This week, while one third of the sixth grade was out of the building each day for a field trip, I have been teaching bullying and digital safety lessons in all of the 6th grade science classes. I have had a blast getting to know our new 6th graders. I was planning to share what I did each day of lessons in sequence, but I really just could not wait to share this one with you!!!!!!!!!

While planning lessons, I shared with my co-counselor that I wanted to do to the line game activity related to social media and other online site usage for the first half of my lesson of my Digital Safety lesson. He suggested I use Kahoot! so students could use their ChromeBooks to respond to the prompts. I never heard of Kahoot! before but I was excited to incorporate this new tool into my lessons! 

Kahoot! is an amazing, easy to use quiz based learning website. Students can use their iPads, iPhones, iPods, ChromeBooks, laptops, or other devices to respond to questions on Kahoot! quizzes, surveys, and discussions. 

I turned the questions/prompts I was planning to do for my activity into a Digital Saftey Kahoot! SurveyFor my lesson, I used the survey option. After each question, the results were displayed in a bar graph. This was a great discussion tool during the lesson.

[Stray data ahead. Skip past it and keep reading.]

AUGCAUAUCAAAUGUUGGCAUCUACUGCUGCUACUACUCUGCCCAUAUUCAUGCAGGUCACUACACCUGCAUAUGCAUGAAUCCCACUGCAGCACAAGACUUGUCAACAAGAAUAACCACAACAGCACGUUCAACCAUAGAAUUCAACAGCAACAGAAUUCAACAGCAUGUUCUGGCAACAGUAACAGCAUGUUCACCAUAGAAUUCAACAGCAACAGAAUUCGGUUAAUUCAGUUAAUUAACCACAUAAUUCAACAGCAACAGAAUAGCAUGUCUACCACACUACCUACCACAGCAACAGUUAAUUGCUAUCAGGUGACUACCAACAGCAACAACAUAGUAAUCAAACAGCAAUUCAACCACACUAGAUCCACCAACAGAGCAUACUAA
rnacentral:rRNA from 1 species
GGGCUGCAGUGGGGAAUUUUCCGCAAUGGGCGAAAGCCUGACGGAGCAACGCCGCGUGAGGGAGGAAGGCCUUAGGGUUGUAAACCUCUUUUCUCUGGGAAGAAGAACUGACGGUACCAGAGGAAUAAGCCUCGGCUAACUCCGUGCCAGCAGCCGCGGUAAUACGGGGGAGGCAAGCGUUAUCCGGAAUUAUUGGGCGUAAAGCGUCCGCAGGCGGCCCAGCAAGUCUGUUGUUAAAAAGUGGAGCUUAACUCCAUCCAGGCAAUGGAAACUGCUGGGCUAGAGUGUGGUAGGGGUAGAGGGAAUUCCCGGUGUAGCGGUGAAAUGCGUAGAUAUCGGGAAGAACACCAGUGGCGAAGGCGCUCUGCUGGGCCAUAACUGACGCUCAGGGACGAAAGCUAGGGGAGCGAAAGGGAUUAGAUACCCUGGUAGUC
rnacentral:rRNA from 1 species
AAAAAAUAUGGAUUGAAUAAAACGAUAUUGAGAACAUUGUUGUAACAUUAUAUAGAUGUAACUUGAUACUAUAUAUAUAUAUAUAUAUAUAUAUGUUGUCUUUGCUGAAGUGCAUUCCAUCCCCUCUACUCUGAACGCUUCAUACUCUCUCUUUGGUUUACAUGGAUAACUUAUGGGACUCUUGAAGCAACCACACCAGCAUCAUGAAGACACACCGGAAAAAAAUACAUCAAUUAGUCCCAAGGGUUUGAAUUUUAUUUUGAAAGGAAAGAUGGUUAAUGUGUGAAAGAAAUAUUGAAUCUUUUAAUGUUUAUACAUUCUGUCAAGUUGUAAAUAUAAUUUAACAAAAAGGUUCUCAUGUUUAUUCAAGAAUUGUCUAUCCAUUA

I projected the Kahoot! and pressed play. It gives information that students need to play the Kahoot!. They go to http://www.kahoot.it  and enter the game pin on the screen. It then prompts students to enter a nickname that they will use during the quiz or survey. Once the student has entered a nickname their screen lights up green and states "You're in!" You can see how many students have joined the game on the screen you display to the class. It even plays fun background music while students are getting into the game. There was a little bit of a learning curve getting in and starting up, so I would take that into account when doing this lesson. 

I will definitely be using Kahoot! again in the future because students really enjoyed being able to respond with their ChromeBooks. I asked students what they thought of using Kahoot!. They said it was cool, fun, they liked answering questions on the screen, and seeing others responses. One class even asked if they could do the whole survey again! I also asked students if they thought I should use Kahoot! again with students in the future. The answer was a resounding YES! 

To learn more about  Kahoot! and how to use it watch this tutorial below!



I will be sharing Part 2 of this lesson and the full lesson plan in a follow up post.

6th Grade Digital Safety Lesson Part 1
6th Grade Digital Safety Lesson Part 2

Have you ever used Kahoot! for lessons with students? What other interactive technology do you use in lessons?